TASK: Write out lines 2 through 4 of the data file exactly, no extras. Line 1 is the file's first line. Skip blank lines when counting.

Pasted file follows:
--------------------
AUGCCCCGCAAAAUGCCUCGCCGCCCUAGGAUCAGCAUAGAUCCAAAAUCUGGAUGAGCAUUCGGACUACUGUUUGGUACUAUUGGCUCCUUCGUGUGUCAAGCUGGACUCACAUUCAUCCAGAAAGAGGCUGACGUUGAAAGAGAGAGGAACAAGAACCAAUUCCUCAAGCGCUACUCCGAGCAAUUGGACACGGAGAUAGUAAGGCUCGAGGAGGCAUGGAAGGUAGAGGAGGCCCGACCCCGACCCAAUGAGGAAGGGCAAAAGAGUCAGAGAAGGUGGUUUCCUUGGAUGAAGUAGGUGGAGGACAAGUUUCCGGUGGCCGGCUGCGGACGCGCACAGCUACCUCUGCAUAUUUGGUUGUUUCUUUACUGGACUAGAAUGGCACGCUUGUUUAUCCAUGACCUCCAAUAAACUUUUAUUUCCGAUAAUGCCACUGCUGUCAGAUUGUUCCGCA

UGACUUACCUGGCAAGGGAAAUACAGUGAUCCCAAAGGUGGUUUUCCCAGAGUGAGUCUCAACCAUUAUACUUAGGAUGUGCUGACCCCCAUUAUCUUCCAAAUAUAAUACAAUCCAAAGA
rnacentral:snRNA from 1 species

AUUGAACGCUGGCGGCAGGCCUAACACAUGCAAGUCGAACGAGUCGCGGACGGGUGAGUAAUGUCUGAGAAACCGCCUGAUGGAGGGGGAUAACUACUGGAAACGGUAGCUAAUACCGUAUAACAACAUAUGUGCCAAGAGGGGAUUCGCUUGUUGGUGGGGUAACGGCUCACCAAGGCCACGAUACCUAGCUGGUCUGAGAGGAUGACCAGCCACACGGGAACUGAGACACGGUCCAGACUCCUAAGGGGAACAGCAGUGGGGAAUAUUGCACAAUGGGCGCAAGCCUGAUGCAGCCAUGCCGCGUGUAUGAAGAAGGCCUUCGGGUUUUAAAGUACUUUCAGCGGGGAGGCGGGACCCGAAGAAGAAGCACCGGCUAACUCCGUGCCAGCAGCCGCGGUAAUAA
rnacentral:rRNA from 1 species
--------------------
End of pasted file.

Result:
UGACUUACCUGGCAAGGGAAAUACAGUGAUCCCAAAGGUGGUUUUCCCAGAGUGAGUCUCAACCAUUAUACUUAGGAUGUGCUGACCCCCAUUAUCUUCCAAAUAUAAUACAAUCCAAAGA
rnacentral:snRNA from 1 species

AUUGAACGCUGGCGGCAGGCCUAACACAUGCAAGUCGAACGAGUCGCGGACGGGUGAGUAAUGUCUGAGAAACCGCCUGAUGGAGGGGGAUAACUACUGGAAACGGUAGCUAAUACCGUAUAACAACAUAUGUGCCAAGAGGGGAUUCGCUUGUUGGUGGGGUAACGGCUCACCAAGGCCACGAUACCUAGCUGGUCUGAGAGGAUGACCAGCCACACGGGAACUGAGACACGGUCCAGACUCCUAAGGGGAACAGCAGUGGGGAAUAUUGCACAAUGGGCGCAAGCCUGAUGCAGCCAUGCCGCGUGUAUGAAGAAGGCCUUCGGGUUUUAAAGUACUUUCAGCGGGGAGGCGGGACCCGAAGAAGAAGCACCGGCUAACUCCGUGCCAGCAGCCGCGGUAAUAA